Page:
An aging school teacher/protester found himself in jail after threats he made to a police officer at a recent Black Lives Matter protest in Philadelphia, Pennsylvania. BLM activists came out on August 16 to protest a statue resembling Frank Rizzo, Philadelphia’s former police commissioner and Democratic mayor, who has been accused of “oppressing blacks” and “catering to white fears.”
John Edward Sheerin, 63, was arrested on Friday night as a direct result of his conduct during the protest against the Frank Rizzo statue, according to Philly.com. Sheerin repeatedly antagonized and pelted a particular police officer with insults and threats.
In the video, the teacher directs his rage at a police officer, calling him a “gutless b****,” said the cop is “f***ing done,” said he would “take his f***ing head off.” Sheerin also insisted of giving the officer his address, so he “knock on [his] door” to escalate their feud.
“This 63-year-old man will beat your ass to kingdom come,” says Sheerin.
At about the 1:58 second, Sheerin really gets heated with the officer. The teacher is really blowing his top. Activists need to push him back as rage overwhelms his face.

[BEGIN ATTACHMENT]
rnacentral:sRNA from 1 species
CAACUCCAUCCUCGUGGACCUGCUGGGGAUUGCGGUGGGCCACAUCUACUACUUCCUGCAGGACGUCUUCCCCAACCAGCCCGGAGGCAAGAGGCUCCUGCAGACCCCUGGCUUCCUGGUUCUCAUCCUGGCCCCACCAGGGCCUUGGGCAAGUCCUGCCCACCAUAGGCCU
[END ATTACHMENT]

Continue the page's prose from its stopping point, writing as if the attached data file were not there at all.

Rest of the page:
The enraged teacher works at Philadelphia’s Julia de Burgos School. However, spokesman Kevin Geary said that the school had already been investigating the professor prior to the arrest and he will be removed from school effective immediately until that investigation is complete.
Supporters of the embattled school teacher showed up outside the police facility where officers held him prisoner.
“I really can’t believe you guys stayed out there all night,” said Sheerin in a Facebook post, according to Philly.com. “It must have been so uncomfortable. But I learned something about discomfort from my first night in a cell. There’s nothing SOFT in a cell!”
Sheerin was released on $5,000 bail, his next court date is scheduled for September 26.
“Our comrade is home safe and sound,” said Asa Khalif, a Black Lives Matter Pennsylvania leader, on Facebook. “This man is a true soldier in the fight for justice. Proud to have him as a friend and ally.”
People in support of the statue felt that Rizzo assisted citizens with less power and influence. While activists who want the statue gone believe that he “oppressed blacks and catered to white racial fears.”